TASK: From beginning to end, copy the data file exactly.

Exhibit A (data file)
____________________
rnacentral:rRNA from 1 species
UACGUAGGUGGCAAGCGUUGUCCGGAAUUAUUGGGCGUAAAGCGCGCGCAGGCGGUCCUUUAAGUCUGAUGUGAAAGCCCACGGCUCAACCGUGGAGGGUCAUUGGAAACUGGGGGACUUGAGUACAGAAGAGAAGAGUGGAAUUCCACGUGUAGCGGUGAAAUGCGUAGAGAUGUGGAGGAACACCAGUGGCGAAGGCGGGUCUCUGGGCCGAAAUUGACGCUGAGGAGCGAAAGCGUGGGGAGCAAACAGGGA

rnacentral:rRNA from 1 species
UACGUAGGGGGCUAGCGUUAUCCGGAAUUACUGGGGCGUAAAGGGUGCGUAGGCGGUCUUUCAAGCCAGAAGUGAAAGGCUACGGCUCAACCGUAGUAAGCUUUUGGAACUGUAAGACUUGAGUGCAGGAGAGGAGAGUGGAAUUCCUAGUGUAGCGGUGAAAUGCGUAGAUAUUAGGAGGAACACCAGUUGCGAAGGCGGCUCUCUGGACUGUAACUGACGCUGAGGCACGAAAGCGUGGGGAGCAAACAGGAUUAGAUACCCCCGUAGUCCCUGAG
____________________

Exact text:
rnacentral:rRNA from 1 species
UACGUAGGUGGCAAGCGUUGUCCGGAAUUAUUGGGCGUAAAGCGCGCGCAGGCGGUCCUUUAAGUCUGAUGUGAAAGCCCACGGCUCAACCGUGGAGGGUCAUUGGAAACUGGGGGACUUGAGUACAGAAGAGAAGAGUGGAAUUCCACGUGUAGCGGUGAAAUGCGUAGAGAUGUGGAGGAACACCAGUGGCGAAGGCGGGUCUCUGGGCCGAAAUUGACGCUGAGGAGCGAAAGCGUGGGGAGCAAACAGGGA

rnacentral:rRNA from 1 species
UACGUAGGGGGCUAGCGUUAUCCGGAAUUACUGGGGCGUAAAGGGUGCGUAGGCGGUCUUUCAAGCCAGAAGUGAAAGGCUACGGCUCAACCGUAGUAAGCUUUUGGAACUGUAAGACUUGAGUGCAGGAGAGGAGAGUGGAAUUCCUAGUGUAGCGGUGAAAUGCGUAGAUAUUAGGAGGAACACCAGUUGCGAAGGCGGCUCUCUGGACUGUAACUGACGCUGAGGCACGAAAGCGUGGGGAGCAAACAGGAUUAGAUACCCCCGUAGUCCCUGAG